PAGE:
First-Time Buyers: Would you move to a more affordable area in the UK?

First-Time Buyers: Would you move to a more affordable area in the UK?

A recent article published on This is Money has revealed the most and least affordable areas to buy a home in the UK and compares these differences in affordability. In fact, this same article reveals that one in four movers chose a more affordable area, which is an increase from one in five in 2022 (information provided by Hamptons International). 

A big reason for this change is the increase in first-time buyers. Aneisha Beveridge, Head of Research at Hamptons International, confirms this by saying that “first-time buyers have gone against the odds and purchased a record of 28 percent of homes across Great Britain this year.” 

We all know that house prices have fallen over the past year or so; however, with mortgage rates continuing at a high rate, buyers are left with no choice but to purchase smaller properties in more affordable locations, perhaps not what they had in mind when beginning their home buying process. 

“The cost of a typical UK home is now 6.7 times average earnings,according to Halifax – but this varies considerably depending on where you live. The cheapest local area to live in the UK is Inverclyde in Scotland, where average house prices are only 2.9 times higher than average annual earnings. The most expensive local area to live in is either Westminster or the City of London where house prices are a staggering 16 times the average annual income in each area.” – This is Money, article linked below. 

The contrast in house prices and general affordability between several locations across the UK is the key factor contributing to first-time buyers being willing to move to a cheaper area. The truth is that this makes perfect sense. Many of these first-time buyers work in industries where working from home is the new normal. Attending a physical office or workspace is no longer a necessity. If that’s the case, there’s no need to live in an area not deemed affordable. Instead, it would be logical to look for a more affordable alternative.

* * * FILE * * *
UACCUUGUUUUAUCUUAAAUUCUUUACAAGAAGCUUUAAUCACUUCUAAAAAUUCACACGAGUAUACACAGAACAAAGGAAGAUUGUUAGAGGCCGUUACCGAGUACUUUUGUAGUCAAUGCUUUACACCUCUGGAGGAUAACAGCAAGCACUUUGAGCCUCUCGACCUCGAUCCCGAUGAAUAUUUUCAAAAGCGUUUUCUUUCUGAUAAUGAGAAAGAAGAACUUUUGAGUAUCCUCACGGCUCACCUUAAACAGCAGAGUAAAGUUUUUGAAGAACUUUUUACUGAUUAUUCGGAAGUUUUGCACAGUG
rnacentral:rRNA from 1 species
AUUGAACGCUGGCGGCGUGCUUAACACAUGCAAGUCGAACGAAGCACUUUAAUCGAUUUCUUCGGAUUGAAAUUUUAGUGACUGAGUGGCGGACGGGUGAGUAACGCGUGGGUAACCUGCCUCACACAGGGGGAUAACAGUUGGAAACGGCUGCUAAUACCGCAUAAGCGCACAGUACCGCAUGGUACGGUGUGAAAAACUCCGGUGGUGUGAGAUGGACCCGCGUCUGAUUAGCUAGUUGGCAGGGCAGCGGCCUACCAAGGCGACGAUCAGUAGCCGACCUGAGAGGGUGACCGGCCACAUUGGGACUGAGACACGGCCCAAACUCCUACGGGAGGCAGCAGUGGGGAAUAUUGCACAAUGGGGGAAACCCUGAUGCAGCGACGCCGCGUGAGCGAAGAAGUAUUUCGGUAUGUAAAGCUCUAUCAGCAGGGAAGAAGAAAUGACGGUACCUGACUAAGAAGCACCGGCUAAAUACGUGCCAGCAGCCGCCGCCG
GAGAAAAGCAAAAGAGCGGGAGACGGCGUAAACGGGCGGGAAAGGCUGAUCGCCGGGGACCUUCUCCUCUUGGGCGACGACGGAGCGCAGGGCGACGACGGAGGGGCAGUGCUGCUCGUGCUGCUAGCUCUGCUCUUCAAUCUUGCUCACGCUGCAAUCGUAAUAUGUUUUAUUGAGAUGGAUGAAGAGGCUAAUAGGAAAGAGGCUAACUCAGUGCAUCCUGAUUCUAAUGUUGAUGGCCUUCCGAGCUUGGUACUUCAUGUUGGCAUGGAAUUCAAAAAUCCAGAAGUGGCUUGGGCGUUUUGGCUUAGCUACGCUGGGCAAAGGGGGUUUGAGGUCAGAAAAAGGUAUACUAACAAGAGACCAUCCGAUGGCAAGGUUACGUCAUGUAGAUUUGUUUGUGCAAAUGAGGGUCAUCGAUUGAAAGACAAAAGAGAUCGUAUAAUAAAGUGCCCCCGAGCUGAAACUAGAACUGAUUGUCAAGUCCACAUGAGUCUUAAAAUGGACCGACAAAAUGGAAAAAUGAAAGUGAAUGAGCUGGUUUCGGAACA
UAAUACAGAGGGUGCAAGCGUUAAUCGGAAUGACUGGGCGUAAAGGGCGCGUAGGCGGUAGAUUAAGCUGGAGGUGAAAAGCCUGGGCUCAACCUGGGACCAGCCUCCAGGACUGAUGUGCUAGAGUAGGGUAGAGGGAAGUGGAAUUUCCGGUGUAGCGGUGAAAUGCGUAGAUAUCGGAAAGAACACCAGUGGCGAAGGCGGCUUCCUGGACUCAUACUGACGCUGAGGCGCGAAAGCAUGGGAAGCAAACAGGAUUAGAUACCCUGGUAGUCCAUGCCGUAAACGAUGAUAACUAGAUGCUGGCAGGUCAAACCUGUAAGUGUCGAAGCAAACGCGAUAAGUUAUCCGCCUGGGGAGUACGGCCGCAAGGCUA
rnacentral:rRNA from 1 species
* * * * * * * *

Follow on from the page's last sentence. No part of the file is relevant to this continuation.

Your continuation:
For example, let’s suppose a first-time buyer is looking at properties in Greater London. Based on the study provided by Halifax, the average house price in the city of London is £915k. Eight miles down the road in Barking, the average drops substantially to £310k. In the South East, Portsmouth is the least expensive area to live in, with an average house price of £224k. With its good transport links, access to London is not difficult. 

Well, if the buyer is able to work from home, the decision is a no-brainer! The downside to these findings is that not everyone can work from home. It is increasingly challenging to afford property in those more expensive areas. 

With recent inflationary pressures showing signs of abating combined with interest rates stabilising many nervous buyers are tentatively returning to the market armed with some confidence rates are no longer spiralling out of control and house prices unlikely to plummet! We have seen clients in recent days reconnecting to run various mortgage scenarios with the intention of entertaining a move once more subject to,  right house price negotiation and choosing the right mortgage product length to remain reactive to speculated BOEBR rate drops in 1-2 years time. 

 So, as a first-time buyer, what are the next steps? Simple, arrange a call with a Carbon mortgage advisor and start to understand your options so you can make an informed choice. Feel free to call 01932 505 340 or email us at:

Thank you to Ed Magnus, This is Money, Aneisha Beveridge, Hamptons International and Halifax for the timely information. You can read the full article here: